The gambling metaphor is an apt one—perhaps more than Scher realizes, as she believes one of her most standout qualities is her intuition—an essential tool for any continual risk-taker.
“What I can do instinctively, which has served me very well for a very long period of time, is isolate a central feeling about something that will connect to other people. I know what the emotional button is that can trigger a response in somebody else about a specific thing and get a message across. It’s my form of quantitative reasoning.”
This skill forms the basis of the creation of a graphic identity at Pentagram that starts with a multitude of questions.
“A classic proposal for any identity generally has three phases. The first is the phase where you’re meeting everybody, you’re learning about the institution, you’re finding out about their history, you’re finding out the gossip. In playing twenty questions you find out who they need to be.”
The most important question being: “How do you create the spirit of a brand that is also something recognizable?”
“The second phase,” Scher continues, “is where you experiment to try to develop that by applying images and words and colors and motifs and various things to create the impression that you’ve just defined. An organization exists within a milieu. You’re moving them to a direction where they can be recognized, they can stand out, they can be distinctive and still be recognized as viable within their milieu. Then the third phase is getting it made. That, to me, is the hardest phase to get right and the one that matters the most.”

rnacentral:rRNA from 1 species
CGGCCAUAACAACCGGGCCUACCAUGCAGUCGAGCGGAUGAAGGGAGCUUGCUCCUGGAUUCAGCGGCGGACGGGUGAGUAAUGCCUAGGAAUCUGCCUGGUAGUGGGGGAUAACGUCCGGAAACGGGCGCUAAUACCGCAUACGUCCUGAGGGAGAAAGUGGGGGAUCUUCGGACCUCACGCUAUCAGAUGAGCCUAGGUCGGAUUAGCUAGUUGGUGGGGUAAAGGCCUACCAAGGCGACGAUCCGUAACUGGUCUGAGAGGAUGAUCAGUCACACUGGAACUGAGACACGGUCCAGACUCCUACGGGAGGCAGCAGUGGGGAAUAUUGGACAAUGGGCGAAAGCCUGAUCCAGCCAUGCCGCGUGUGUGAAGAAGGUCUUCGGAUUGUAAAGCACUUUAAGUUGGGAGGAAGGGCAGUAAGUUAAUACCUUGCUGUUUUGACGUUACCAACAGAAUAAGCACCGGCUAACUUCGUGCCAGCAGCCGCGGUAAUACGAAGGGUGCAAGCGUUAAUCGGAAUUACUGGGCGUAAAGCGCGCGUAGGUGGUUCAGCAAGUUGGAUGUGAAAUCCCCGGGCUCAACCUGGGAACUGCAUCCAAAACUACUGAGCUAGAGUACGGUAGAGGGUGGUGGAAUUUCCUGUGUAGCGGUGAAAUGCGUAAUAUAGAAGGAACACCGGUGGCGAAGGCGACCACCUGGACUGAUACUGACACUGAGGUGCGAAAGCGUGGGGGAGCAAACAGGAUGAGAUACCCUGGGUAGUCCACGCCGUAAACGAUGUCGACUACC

Even though the challenges of successfully executing a product or identity can be formidable, what continues to motivate Scher are those projects that provide the opportunity to extend the conversation beyond a single yield.
“As a designer, where I think I’ve made a lot of headway is in the work I’ve done for twenty years with the Public Theater. It’s had high points and low points. I don’t like everything we do. I think there are periods that have been better than others. But I like the relationship and the output and the opportunity to continue to try to make it better. That’s really great.”
This forward momentum is one that Scher believes must dominate a designer’s outlook.
“Life is fluid. Things change. I love being a designer. I like to make things, and I like to get things made. I like when something is out on a large scale and everybody sees it. It makes me feel great. But I know that I have to keep pace with an ever changing world and society. You have to pay attention all the time. You can’t do something that got great reviews and then assume the next one is going to be just as great. You’re only as good as your last job. That’s what keeps you functioning. It keeps you current.”
To stay at the forefront of the industry Scher believes that creatives have to think in new directions.
“A piece of design for a specific industry may not have to look like the other sorts of design that come out of that same industry. When you have the expectation of what something is supposed to be, it’s very limiting. You have to defy the expectations. We put expectations in front of ourselves because we’ve absorbed them or were taught them. You walk into a corporation. You may have 20,000 ideas, and they say, ‘Oh, no, it has to be blue. It has to be this big. No, we don’t do that here.’
I always say that the goal of design is to raise the expectation of what design can be.”